African American doctor and patient discussing tobacco related illnesses

Submitted by Annalisa Rogers on behalf of the African American Health Coalition

You may be aware that smoking is the leading cause of lung cancer, but did you know tobacco use is linked to 16 other cancers? These include stomach, bladder, kidney, pancreatic, breast, colon, and rectal cancers. Additionally, 30 percent of all cancer-related deaths occur from secondhand smoke exposure, and 80 percent of lung cancer-related deaths are a direct result of firsthand tobacco use.

The Centers for Disease Control and Prevention reports that more than 450,000 people die each year from tobacco use, including cigarettes, cigars and chewing tobacco. While New York state’s Clean Indoor Air Act and taxes on tobacco products have helped reduce the prevalence of smoking and the number of tobacco-related deaths, more than 110,000 people in Monroe County still face an increased risk of becoming sick, or dying from cancer due to tobacco use.

For African American communities in particular, tobacco-use rates are exceptionally disturbing, as 19.6 percent identify as regular tobacco users in Monroe County, compared to 10.6 percent of whites. Along with increased cancer risk, there is also an increased risk for developing heart disease, or stroke.

From 1976 to 2013, the incidence of lung cancer decreased in men, from 94.9 percent to 67.6 percent. Unfortunately, the incidence of cancer has nearly doubled for women, climbing from 27.6 percent to 53.8 percent during the same time frame.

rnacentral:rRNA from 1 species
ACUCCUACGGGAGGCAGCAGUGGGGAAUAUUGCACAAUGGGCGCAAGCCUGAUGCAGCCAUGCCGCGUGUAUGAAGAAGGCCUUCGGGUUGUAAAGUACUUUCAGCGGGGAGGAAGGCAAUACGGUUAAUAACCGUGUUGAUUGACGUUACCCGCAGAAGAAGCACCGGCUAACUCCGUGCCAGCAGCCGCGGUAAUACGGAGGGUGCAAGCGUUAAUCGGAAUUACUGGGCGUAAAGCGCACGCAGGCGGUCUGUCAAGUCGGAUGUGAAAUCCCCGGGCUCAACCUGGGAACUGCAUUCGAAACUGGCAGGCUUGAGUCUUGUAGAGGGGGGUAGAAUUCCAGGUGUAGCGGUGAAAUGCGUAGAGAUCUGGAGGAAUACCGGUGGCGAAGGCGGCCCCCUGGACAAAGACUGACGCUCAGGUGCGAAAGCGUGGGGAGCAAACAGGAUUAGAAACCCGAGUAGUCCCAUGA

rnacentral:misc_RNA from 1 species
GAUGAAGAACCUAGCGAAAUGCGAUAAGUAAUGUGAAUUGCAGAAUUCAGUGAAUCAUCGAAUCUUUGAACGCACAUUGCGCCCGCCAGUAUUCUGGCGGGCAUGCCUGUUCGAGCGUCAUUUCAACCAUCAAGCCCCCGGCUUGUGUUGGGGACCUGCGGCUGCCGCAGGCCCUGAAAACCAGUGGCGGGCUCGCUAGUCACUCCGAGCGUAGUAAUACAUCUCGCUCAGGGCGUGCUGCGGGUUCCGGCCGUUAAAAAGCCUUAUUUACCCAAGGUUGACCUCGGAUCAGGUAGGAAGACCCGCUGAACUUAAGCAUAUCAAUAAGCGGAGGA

Minority groups, people who live in or near high-poverty neighborhoods, identify as LGBTQ, have mental health-related concerns, or have a disability have a greater likelihood of tobacco use than other groups. Hence, they also have an increased risk of cancer-related illnesses, or death.

In our community, cancer is the leading cause of death, which is driven by the high rate of lung cancers. The African American Health Coalition (convened by Common Ground Health) is working diligently to improve the health of the African-American community. The AAHC believes that together, we can reduce the number of cancer-related illnesses, and death due to tobacco in our community.

We encourage you to:

1) Educate yourself and others on the dangers of tobacco use. Share your information with those who are ready to hear your message.

2) If you have a loved one who currently smokes, be their champion and lovingly encourage them to quit when they are ready. Quitting smoking decreases the risk of developing cancer by 40 percent.

3) Join coalitions, and advocate for local government leadership to change city policies that reduce targeted marketing to youth and other vulnerable populations.

4) Talk to local retailers that sell tobacco products about placement of tobacco advertising. The tobacco industry disproportionately advertises and promotes tobacco in urban markets with high populations of African Americans.

Tobacco products cost New Yorkers nearly $10.4 billion annually. Overall, we know that we can reduce incidences of cancer, and the costs associated with it through education and effective policies.

While the rates of cancer have lessened, due to the decreasing lung cancer rates of men, we can do more. By reducing tobacco use, we will not only save money, but most importantly, we will improve the health of our family members, friends and community by reducing their risk of getting cancer and other illnesses.

Annalisa Rogers is the director of the Smoking & Health Action Coalition (SHAC) at the American Lung Association of the Northeast. She is a member of the African American Health Coalition, and considers herself to be a lifelong community advocate. Her education, career path and history in nonprofit organizations demonstrate her staunch commitment, and focus on community wellness.

This post  originally appeared in the Minority Reporter and is reprinted online with permission.